The Pale King. David Foster Wallace.

The Pale King. David Foster Wallace. Little, Brown, New York, published (posthumously) 2011. Hachette Digital retrieved for Kindle. (F, 04/14.)

This is in some ways the most profoundly strange piece of fiction I’ve ever read. It’s magnificent, but fragmented like any unfinished thing. In context of the rest of Wallace’s work themes it’s not so hard to find the ideas and the strength and humour of his writing — they fly off the page at you — but everything comes in larger or smaller discrete chunks. You need imagination to see even symbolic or ideologic bridges among the chapters. Wallace’s suicide clarifies both the brokenness (he didn’t finish it) and for me some of its depth. What a struggle.

As it might eventually have been completed, the story is of a relatively bland Wallace who gets a job with the American income tax agency. Characters with whom he works are presented, some of them, both in the massively banal setting of their work but also in their formative years. There are events including higher-executive intrigue and possibly some sort of catharsis at a professional social event, but (for me at least) the story is the psychological (I guess we’d call it) development of the characters and terribly serious unavoidable human troubles they face, and we have to face (or at least think about) in reading about them, so transparently described as to be sitting with us in the same room.

To wit: In chapter 6 Lane Dean, a religious young man, and his equally religious girlfriend are sitting together trying to come to terms with her pregnancy. Lane is frozen in helpless inability to take action, knowing that the girl is taking a terrible gamble in the emotional lie of offering to release him from responsibility. It’s about the frozen fearful abdication, not the pregnancy, religious belief, or even the relationship.

It dawns on a teenage boy who sweats in public and is fearfully self-conscious about it that he can be trapped in the classroom into becoming the hideous spectacle he most dreads. Not only can be but repeatedly must be. He can’t escape spiraling into exaggerated and reinforcing sweat and ridicule, even though he knows perfectly well it’s just him doing it to himself, he’s for some reason unable to stop. There is no point of view as we contemplate this boy: it could be him, the popular girl watching him (or unaware he exists), or just a quietly disinterested objectivity. Having lived more than a few of those waking nightmares myself I find the description so dead-accurately rendered it could only have been made by someone who has experienced it.

Underneath the caricature, always the trapped or troubled human being. The perfect self-effacing kindly boy whom everybody hates. The resourceful vindictive girl raised by psychotic trailer trash relatives and regularly abused, growing up to defend herself with vicious effectiveness. The queen of office male fantasy whose husband is dying loving him because he understands the wicked trap of her prettiness, how it prevents emotional insight into people including herself. All of them further constrained in the gray uniformity of the government’s financial bureaucracy.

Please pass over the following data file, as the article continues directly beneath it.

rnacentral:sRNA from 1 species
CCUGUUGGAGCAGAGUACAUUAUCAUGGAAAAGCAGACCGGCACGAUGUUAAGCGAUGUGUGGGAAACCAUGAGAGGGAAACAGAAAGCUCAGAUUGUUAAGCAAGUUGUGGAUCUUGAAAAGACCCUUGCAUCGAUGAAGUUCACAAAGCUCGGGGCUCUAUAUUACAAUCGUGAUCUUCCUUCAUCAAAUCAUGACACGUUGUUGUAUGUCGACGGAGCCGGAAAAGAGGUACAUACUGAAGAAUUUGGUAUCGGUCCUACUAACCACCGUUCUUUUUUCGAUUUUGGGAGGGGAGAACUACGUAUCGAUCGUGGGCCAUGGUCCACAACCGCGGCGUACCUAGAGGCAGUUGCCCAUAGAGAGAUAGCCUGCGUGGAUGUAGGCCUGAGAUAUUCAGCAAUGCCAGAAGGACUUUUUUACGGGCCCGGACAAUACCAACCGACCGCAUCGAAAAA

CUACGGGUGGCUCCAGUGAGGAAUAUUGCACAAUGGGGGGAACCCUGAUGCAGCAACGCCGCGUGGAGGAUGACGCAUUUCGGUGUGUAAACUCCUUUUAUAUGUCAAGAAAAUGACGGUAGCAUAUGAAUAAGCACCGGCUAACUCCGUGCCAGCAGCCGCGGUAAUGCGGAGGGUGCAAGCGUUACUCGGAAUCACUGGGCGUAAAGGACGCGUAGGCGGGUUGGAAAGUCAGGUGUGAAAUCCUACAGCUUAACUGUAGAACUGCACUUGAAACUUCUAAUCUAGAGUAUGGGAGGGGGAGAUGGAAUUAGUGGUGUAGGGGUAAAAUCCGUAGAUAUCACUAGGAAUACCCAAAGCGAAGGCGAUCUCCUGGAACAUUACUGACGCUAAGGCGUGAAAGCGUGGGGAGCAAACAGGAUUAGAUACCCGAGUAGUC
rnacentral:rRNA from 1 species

Wallace is disinterestedly balanced in his analysis of what’s going on at the IRS, and in the financial world in general. Government accomplishes the most outrageously offensive things by making them entirely publicly accessible but always impenetrably boring. Nobody pays any attention. Corporations tell us that as individuals we are the center of the universe. We believe it because it’s what we need to hear not to face our awful insignificance.

I woke up through all this relevance, humour, and depth to a device Wallace uses in cataloguing for example the IRS’ vast tax rules and procedures. It sounds like straight-up support of factual credibility. We know he spent time in the IRS, which must’ve been terrible but for him grist for the mill. But then he discusses in similar overwhelming detail technical descriptions of body parts, and these contain enough misunderstanding and errors to call the whole credibility enterprise in question, like I suppose the optics and math in Infinite Jest.

Finally though the transparent style with its self-parody, and that convincing focus on fear, courage, and personal insignificance are too compelling to ignore. It’s just a great story or set of stories you can take anywhere you like. And then BAM, the book just ends. Who were all these people, how were they connected to one another and which ones to which childhoods? And of course what does it all mean?

Wallace hung himself in September 2008 at age 46. We are told he suffered from depression, severe enough to use medication and shock treatments so he could be productive, and then side effects and finally ineffectiveness of treatment apparently made his despair unbearable. He says of psychiatric conventional wisdom, in discussing the awful accidental death of a character’s father (for which the character blames himself) that just possibly psychology’s views on parents and children are wrong, and that there may be exceptions.

I say maybe there is nothing but exception. 9.4/9.6


About John Sloan

John Sloan is a senior academic physician in the Department of Family Practice at the University of British Columbia, and has spent most of his 40 years' practice caring for the frail elderly in Vancouver. He is the author of "A Bitter Pill: How the Medical System is Failing the Elderly", published in 2009 by Greystone Books. His innovative primary care practice for the frail elderly has been adopted by Vancouver Coastal Health and is expanding. Dr. Sloan lectures throughout North America on care of the elderly.
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